Archives for the month of: November, 2016

Frank Breslin has been writing a series of essays for the Huffington Post about “Teaching the Greeks.” He taught the classic s and German before he retired.

He is one of those rare educators who doesn’t think about rubrics, data, or test scores.

He thinks about education, in its deepest sense. The drawing out of meaning from words and experiences of others.

In this essay, he explains how to teach Greek literature.

Here is a snippet of his lesson:

Greek is clear, brief, cerebral, and to the point — almost chilling in its austerity. It sees the beauty of common things and contents itself with the majesty of their unadorned simplicity. It has no use for ornament, exaggeration, or poetic license, and uses adjectives, imagery, and metaphors sparingly. It is like reading Wittgenstein’s Tractatus in that its appeal is solely to the mind and does not condescend to emotionalize issues. In translating Greek into English, one should strive to be literal, for literality is the essence of the aesthetic experience in reading Greek.

Greek places great demands on its readers, who must work out for themselves implications which are often unstated. This compressed style may prove difficult for those new to the subject, since the author may be writing for the few. The unfortunate result is that some readers may become exhausted by the sustained level of concentration, lose the thread of the argument, and stop reading.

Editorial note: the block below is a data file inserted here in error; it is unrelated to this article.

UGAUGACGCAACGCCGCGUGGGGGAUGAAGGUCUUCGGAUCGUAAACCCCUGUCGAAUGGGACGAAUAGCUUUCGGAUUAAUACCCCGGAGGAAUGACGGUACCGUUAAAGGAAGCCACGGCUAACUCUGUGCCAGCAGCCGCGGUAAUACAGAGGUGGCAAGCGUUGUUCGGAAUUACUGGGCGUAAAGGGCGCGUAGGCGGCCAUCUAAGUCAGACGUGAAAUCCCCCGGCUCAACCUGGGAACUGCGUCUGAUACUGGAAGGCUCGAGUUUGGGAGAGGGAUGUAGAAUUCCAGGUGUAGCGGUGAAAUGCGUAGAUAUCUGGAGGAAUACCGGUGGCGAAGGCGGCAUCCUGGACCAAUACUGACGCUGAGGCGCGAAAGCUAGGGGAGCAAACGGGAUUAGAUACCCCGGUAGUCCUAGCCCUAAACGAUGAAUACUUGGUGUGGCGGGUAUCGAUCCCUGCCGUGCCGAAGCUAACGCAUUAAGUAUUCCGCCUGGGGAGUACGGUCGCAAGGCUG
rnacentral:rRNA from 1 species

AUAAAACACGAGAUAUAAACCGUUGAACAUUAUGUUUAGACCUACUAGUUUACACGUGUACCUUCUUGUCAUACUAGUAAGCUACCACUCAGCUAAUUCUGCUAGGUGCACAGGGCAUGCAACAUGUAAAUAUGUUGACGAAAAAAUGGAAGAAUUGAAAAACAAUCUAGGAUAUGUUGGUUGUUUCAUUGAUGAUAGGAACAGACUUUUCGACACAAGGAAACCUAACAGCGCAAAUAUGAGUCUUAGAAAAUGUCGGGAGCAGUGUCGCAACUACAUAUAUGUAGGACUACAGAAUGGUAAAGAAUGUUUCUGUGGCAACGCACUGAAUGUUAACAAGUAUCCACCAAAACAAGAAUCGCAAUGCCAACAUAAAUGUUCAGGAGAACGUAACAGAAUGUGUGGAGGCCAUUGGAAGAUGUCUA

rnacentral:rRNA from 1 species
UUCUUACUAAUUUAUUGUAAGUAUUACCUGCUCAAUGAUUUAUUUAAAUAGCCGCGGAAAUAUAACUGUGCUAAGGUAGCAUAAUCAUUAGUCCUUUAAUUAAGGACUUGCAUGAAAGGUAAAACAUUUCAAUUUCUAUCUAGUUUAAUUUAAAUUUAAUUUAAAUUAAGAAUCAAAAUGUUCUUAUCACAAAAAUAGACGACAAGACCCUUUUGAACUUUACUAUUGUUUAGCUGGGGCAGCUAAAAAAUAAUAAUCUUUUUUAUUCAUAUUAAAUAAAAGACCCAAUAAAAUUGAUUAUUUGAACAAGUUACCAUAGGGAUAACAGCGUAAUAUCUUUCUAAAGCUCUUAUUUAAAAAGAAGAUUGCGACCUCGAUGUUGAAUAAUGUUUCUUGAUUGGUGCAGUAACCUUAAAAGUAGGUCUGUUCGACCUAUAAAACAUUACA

This is a common temptation, but if one persists, one begins to make headway. If one has had three years of high-school Latin, many of the problems of learning Greek have already been solved, since their grammatical structure is roughly the same. For those interested, Crosby/Schaeffer’s An Introduction to Greek is a solid beginner’s text, after which one might try a student edition of Xenophon’s Anabasis, and then Plato’s Apology.

Hebrew, on the other hand, appeals to the emotions by the stylistic devices of repetition, cadence, and a profusion of imagery, all of which cast a mood of enchantment over the reader. One need not work out the implications oneself as with Greek since the repetition of the same idea in different words and varied imagery will suggest additional perspectives, which might not have occurred to one reading Greek in English translation.

The problem with Hebrew, however, is that some may find it insufficiently analytical to examine its subject critically and be left with only an emotional response. Some prefer the Greek style of writing, and others the Hebrew. Each tries to affect its readers in different ways, and both are effective.

Are people convinced more by reason or emotion? Can a syllogism make converts? Why do some prefer rational arguments, while others favor emotional ones? What is each group seeking? Is it ethical to move people emotionally, or is this the only way of moving the heart? Can art transform someone’s life and convictions? If you feel that it can, make a case that art should never be censored. Then argue the converse.

Should artists and writers be political? Should they serve the interests of the haves or have-nots, or should they be apolitical? If writers use their art to defend or attack the status quo, is that more honest than not speaking out and tacitly endorsing the way things are? Are the poor automatically in the right and the powerful in the wrong? In some countries, writers are the national conscience. What are they in America?

“Orator fit, poeta nascitur.” (“An orator is trained; a poet is born.“) Is this true, or an attempt to romanticize poets? What are the dangers of being a writer? Why do some writers fear success? What are some ways that an artist can “sell out”? What are some subtle ways for a government to control or silence a writer? What is the best kind of education for young writers and artists? Are writers the voice of the people, or of themselves alone?

Chapter 5

1. What is the meaning of the phrase “Nolo episcopari“?